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Comment Re:Interesting how few controls there are (Score 2) 123

Email is "From" the CEO, and says something like "Hey, Bob, this account somehow got missed, it's way overdue and the money has to go out TODAY! I'm in important meetings all day and am unable to talk on the phone, any questions, just reply to this email." Either the From address is to a look-alike domain, or sometimes just a gmail/hotmail/yahoo account, or something at one of the many world.com generic domains, or the From address is the real CEO's address and there's a Reply-To somewhere else.

It doesn't work often, but it apparently works often enough.

Comment LastPass gives some domain-squatting protection (Score 1) 123

One thing LastPass will do for you that the copy/paste solutions won't is that LastPass will not autofill your wellsfargo.com credentials into a login page at wallsfergo.com. (Substitute less obvious domain-squatting combination.) For the even slightly security-aware, the "no domains match" is a speedbump between you and total pwnage.

Comment Re:So what? (Score 1) 342

If this means they can make some money by selling my info then perhaps my internet bill out-of-pocket will come down over time.

No, it just means they'll make more money.

Here's the key idea you have to understand when you see moneyed interests enabled to make yet more money:

"Trickle down" is a metaphor for the moneyed interests pissing on your head.

Also, this.

Comment And now maybe we'll know why ... (Score 5, Interesting) 106

And now maybee we'll know why it's been so hard for Open Source developers to get information on writing their own against-the-metal drivers for telephony radios and startup modules (BIOS, EFI/UEFI, etc.)

It has long been suspected that was not just proprietary info-walling, but to reduce chances of discovery of backdoors and persistent threats imposed in the name of spying.

Comment Jailbreaking the simulation and hacking it (Score 1) 402

If the universe is a simulation, there perhaps could be some way of hacking the code from the inside, like the exploits that affect things outside of a virtual machine.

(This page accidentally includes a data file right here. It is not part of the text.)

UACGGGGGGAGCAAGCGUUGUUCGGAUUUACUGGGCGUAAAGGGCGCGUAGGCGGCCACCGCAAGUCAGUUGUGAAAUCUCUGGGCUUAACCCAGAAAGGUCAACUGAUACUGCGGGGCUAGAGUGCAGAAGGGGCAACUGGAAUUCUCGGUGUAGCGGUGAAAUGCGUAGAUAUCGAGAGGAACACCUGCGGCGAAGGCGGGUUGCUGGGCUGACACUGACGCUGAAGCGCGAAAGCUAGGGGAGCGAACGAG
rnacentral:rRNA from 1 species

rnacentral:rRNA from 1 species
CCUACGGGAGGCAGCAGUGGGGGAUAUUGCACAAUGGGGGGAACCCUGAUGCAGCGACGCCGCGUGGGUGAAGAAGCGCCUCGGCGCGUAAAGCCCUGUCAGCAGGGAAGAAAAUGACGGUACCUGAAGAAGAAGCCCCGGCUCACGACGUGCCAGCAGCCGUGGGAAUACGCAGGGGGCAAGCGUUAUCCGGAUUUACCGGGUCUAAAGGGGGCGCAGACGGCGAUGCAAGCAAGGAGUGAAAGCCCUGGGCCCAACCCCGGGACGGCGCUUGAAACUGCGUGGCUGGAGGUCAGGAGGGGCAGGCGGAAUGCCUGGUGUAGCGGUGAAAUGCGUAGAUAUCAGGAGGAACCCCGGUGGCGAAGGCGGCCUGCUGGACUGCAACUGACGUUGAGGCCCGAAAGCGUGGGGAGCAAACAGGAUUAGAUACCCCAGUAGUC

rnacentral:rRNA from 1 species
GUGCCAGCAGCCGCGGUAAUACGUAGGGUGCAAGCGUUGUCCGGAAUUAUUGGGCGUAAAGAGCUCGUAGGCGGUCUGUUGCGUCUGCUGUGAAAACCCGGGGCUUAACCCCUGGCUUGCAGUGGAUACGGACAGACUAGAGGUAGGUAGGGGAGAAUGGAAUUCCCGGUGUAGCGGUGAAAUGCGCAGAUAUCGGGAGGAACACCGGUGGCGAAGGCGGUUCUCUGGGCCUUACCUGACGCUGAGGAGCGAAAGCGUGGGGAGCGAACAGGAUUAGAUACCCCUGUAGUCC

Of course, once you do that, the folks running the simulation say "Oh, crap, not again!", fix the bug that allowed the exploit, and re-start the simulation from the last checkpoint, and we'll never know.

Comment Speculation from TFA... (Score 1) 150

From the article, musing about how an alien visitor might classify them...

"Which of these would they consider a “planet” — or whatever the alien term for “planet” might be?"

Maybe a more useful classification would be to classify them by the characteristics of the body itself, irrespective of its orbit. Their word that we'd likely translate as "planet" might only apply to Venus, Earth, Mars, and Titan. (Rocky bodies with significant atmosphere.)

Comment Not necessarily the same class of event (Score 1) 130

Digg previously wounded itself because it threw out all of its user's work, and then compounded the insult by preventing them from commenting. It's a ghost town.

Reddit appears to be adding something, not taking something away.

If that's the case, I doubt it'll hurt them in any way. What remains to be seen is if it will benefit them. That will depend on how they manage (and limit) the new capabilities, and how their user base views what they do.

Facebook is certainly ripe for competition.

Comment Re:Failure is always an option (Score 1) 200

>60MPH in San Francisco is going to get you some pretty bad fines most of the time :).

A friend of mine Ubers in SF, and tries to do runs to and from SFO for maximum money. He doesn't live in SF either, but commutes a long way every weekend to work there because the money is so good.

>(1) You're assuming all miles and hours are 'billable', while in reality you would be driving empty towards a pickup and waiting for the next pickup.

There's a pickup fee which offsets this, and in reality you can usually chain together rides.

Also, there's an additional bill per minute if you are in traffic.

Comment Pity, since I can't accept the EULA (Score 1) 144

Google's Chrome browser, on the other hand, remained unhackable during the contest.

Unfortunately for me, I can't accept Chrome's EULA.

It incorporates Adobe's, which (if I recall correctly from my AT&T Android-based smartphone) has several clauses I can't abide - including a never-compete, don't block updates, don't work on circumvention tools, we can change the license without notice, ...

I don't intend to do anything that might come back to limit my future software work or employability. Clicking through such a license (even if every bit of it is struck down by the courts - which I'm not holding my breath expecting), especially on a device that "phones home" in a way that is easily identified with my true name, is an invitation for an all-versus-one gladiatorial match with two multibillion-dollar corporations' legal departments.

Comment Re:Android? (Score 1) 64

So... based on the above comments, I bought Nova launcher pro.

When I started it, all my current folders and apps.... gone. It appears I'll have to set everything up again. Am I wrong? Changing back to the Touchwiz, everything came right back. Need to explore this a little more, and seeing as it didn't destroy my previous setup (for which I am grateful), I will indeed experiment. First I guess I have to make a series of notes about the current arrangement and then go into Nova and rebuild it from the ground up. Seems... tedious. But I have the time, so... onwards.

Thanks for the tip (you and others.)

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